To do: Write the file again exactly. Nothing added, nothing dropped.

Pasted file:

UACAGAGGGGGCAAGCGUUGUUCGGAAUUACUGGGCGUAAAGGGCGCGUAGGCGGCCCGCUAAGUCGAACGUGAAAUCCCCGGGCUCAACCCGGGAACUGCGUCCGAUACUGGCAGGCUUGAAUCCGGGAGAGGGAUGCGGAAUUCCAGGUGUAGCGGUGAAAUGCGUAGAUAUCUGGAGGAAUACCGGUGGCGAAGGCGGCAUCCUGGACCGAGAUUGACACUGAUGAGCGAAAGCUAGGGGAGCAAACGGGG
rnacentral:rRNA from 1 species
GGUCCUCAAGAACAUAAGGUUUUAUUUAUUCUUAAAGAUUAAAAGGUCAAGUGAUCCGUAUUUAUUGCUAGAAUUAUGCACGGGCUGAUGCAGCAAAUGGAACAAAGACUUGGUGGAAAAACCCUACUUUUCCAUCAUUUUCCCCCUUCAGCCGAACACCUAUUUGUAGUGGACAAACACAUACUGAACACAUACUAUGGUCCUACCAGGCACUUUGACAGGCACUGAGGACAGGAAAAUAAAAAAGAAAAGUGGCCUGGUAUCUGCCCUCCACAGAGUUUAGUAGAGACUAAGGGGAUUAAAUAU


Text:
UACAGAGGGGGCAAGCGUUGUUCGGAAUUACUGGGCGUAAAGGGCGCGUAGGCGGCCCGCUAAGUCGAACGUGAAAUCCCCGGGCUCAACCCGGGAACUGCGUCCGAUACUGGCAGGCUUGAAUCCGGGAGAGGGAUGCGGAAUUCCAGGUGUAGCGGUGAAAUGCGUAGAUAUCUGGAGGAAUACCGGUGGCGAAGGCGGCAUCCUGGACCGAGAUUGACACUGAUGAGCGAAAGCUAGGGGAGCAAACGGGG
rnacentral:rRNA from 1 species
GGUCCUCAAGAACAUAAGGUUUUAUUUAUUCUUAAAGAUUAAAAGGUCAAGUGAUCCGUAUUUAUUGCUAGAAUUAUGCACGGGCUGAUGCAGCAAAUGGAACAAAGACUUGGUGGAAAAACCCUACUUUUCCAUCAUUUUCCCCCUUCAGCCGAACACCUAUUUGUAGUGGACAAACACAUACUGAACACAUACUAUGGUCCUACCAGGCACUUUGACAGGCACUGAGGACAGGAAAAUAAAAAAGAAAAGUGGCCUGGUAUCUGCCCUCCACAGAGUUUAGUAGAGACUAAGGGGAUUAAAUAU